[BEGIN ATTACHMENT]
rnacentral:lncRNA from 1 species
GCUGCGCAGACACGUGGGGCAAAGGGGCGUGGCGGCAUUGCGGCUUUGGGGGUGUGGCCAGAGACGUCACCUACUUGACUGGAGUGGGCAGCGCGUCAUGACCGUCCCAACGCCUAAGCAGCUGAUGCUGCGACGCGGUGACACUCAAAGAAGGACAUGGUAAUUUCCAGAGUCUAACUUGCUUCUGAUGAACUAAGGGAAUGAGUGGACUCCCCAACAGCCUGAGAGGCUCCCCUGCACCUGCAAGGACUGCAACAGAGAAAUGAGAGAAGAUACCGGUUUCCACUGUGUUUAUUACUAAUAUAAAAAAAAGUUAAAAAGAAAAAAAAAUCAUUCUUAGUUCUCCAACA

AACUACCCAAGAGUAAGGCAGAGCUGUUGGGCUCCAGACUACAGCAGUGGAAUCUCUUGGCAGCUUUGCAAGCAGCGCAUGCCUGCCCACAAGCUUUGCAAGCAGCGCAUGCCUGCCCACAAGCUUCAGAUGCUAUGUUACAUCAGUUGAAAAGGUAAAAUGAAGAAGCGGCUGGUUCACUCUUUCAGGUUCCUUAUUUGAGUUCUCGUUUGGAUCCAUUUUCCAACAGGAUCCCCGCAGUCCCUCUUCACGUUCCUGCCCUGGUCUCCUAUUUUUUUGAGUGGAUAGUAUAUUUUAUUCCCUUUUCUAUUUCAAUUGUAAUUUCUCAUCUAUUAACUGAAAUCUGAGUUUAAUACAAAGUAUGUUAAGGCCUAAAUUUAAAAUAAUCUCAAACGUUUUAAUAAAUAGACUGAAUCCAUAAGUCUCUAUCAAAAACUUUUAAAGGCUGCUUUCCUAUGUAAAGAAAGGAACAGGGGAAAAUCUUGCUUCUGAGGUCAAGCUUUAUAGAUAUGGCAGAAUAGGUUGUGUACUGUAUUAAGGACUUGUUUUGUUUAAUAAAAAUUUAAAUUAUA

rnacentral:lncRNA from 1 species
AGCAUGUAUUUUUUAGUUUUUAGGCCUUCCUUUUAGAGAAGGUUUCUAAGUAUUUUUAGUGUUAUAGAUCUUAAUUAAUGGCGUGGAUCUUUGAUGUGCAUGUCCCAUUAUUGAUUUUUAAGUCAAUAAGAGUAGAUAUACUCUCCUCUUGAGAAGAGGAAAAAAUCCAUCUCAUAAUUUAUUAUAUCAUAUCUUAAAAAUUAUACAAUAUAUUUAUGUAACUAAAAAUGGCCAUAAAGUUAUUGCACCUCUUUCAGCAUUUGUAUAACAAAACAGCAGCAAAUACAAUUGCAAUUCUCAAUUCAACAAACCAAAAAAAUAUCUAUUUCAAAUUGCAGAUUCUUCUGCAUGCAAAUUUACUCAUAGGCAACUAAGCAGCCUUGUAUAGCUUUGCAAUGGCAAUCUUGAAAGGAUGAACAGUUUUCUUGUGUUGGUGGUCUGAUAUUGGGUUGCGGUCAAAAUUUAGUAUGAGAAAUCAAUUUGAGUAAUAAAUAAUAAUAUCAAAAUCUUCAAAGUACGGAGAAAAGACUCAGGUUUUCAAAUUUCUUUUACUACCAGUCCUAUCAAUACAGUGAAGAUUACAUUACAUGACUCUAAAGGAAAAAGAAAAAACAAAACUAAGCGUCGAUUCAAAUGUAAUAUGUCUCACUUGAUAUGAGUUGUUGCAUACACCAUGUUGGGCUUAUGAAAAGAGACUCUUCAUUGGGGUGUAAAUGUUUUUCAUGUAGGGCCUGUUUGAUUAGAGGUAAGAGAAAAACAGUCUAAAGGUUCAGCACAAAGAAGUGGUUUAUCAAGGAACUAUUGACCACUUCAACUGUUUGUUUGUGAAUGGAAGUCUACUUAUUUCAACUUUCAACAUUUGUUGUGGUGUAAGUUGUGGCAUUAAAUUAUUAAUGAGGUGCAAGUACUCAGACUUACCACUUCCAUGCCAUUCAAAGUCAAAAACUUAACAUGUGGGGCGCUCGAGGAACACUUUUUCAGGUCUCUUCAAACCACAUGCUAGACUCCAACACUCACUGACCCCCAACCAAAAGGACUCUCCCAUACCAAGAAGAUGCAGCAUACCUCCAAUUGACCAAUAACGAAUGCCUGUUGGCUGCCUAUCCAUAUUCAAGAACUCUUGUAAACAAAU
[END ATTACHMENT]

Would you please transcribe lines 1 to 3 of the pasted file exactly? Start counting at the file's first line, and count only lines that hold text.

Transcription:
rnacentral:lncRNA from 1 species
GCUGCGCAGACACGUGGGGCAAAGGGGCGUGGCGGCAUUGCGGCUUUGGGGGUGUGGCCAGAGACGUCACCUACUUGACUGGAGUGGGCAGCGCGUCAUGACCGUCCCAACGCCUAAGCAGCUGAUGCUGCGACGCGGUGACACUCAAAGAAGGACAUGGUAAUUUCCAGAGUCUAACUUGCUUCUGAUGAACUAAGGGAAUGAGUGGACUCCCCAACAGCCUGAGAGGCUCCCCUGCACCUGCAAGGACUGCAACAGAGAAAUGAGAGAAGAUACCGGUUUCCACUGUGUUUAUUACUAAUAUAAAAAAAAGUUAAAAAGAAAAAAAAAUCAUUCUUAGUUCUCCAACA

AACUACCCAAGAGUAAGGCAGAGCUGUUGGGCUCCAGACUACAGCAGUGGAAUCUCUUGGCAGCUUUGCAAGCAGCGCAUGCCUGCCCACAAGCUUUGCAAGCAGCGCAUGCCUGCCCACAAGCUUCAGAUGCUAUGUUACAUCAGUUGAAAAGGUAAAAUGAAGAAGCGGCUGGUUCACUCUUUCAGGUUCCUUAUUUGAGUUCUCGUUUGGAUCCAUUUUCCAACAGGAUCCCCGCAGUCCCUCUUCACGUUCCUGCCCUGGUCUCCUAUUUUUUUGAGUGGAUAGUAUAUUUUAUUCCCUUUUCUAUUUCAAUUGUAAUUUCUCAUCUAUUAACUGAAAUCUGAGUUUAAUACAAAGUAUGUUAAGGCCUAAAUUUAAAAUAAUCUCAAACGUUUUAAUAAAUAGACUGAAUCCAUAAGUCUCUAUCAAAAACUUUUAAAGGCUGCUUUCCUAUGUAAAGAAAGGAACAGGGGAAAAUCUUGCUUCUGAGGUCAAGCUUUAUAGAUAUGGCAGAAUAGGUUGUGUACUGUAUUAAGGACUUGUUUUGUUUAAUAAAAAUUUAAAUUAUA